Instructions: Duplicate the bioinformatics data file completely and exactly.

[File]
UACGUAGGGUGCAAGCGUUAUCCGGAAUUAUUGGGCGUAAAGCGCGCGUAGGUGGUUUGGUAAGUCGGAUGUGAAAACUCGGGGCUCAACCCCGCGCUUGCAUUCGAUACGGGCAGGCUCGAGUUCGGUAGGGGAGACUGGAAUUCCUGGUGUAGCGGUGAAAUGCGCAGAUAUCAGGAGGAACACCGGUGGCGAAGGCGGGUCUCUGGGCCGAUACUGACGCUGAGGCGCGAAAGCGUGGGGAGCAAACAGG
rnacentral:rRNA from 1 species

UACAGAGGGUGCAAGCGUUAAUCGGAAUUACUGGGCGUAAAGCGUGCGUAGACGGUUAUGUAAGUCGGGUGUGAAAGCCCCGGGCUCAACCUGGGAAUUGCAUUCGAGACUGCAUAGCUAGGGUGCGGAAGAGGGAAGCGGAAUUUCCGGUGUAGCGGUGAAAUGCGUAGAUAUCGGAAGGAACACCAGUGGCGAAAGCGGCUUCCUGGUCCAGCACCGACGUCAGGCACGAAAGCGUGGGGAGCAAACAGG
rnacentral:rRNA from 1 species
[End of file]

UACGUAGGGUGCAAGCGUUAUCCGGAAUUAUUGGGCGUAAAGCGCGCGUAGGUGGUUUGGUAAGUCGGAUGUGAAAACUCGGGGCUCAACCCCGCGCUUGCAUUCGAUACGGGCAGGCUCGAGUUCGGUAGGGGAGACUGGAAUUCCUGGUGUAGCGGUGAAAUGCGCAGAUAUCAGGAGGAACACCGGUGGCGAAGGCGGGUCUCUGGGCCGAUACUGACGCUGAGGCGCGAAAGCGUGGGGAGCAAACAGG
rnacentral:rRNA from 1 species

UACAGAGGGUGCAAGCGUUAAUCGGAAUUACUGGGCGUAAAGCGUGCGUAGACGGUUAUGUAAGUCGGGUGUGAAAGCCCCGGGCUCAACCUGGGAAUUGCAUUCGAGACUGCAUAGCUAGGGUGCGGAAGAGGGAAGCGGAAUUUCCGGUGUAGCGGUGAAAUGCGUAGAUAUCGGAAGGAACACCAGUGGCGAAAGCGGCUUCCUGGUCCAGCACCGACGUCAGGCACGAAAGCGUGGGGAGCAAACAGG
rnacentral:rRNA from 1 species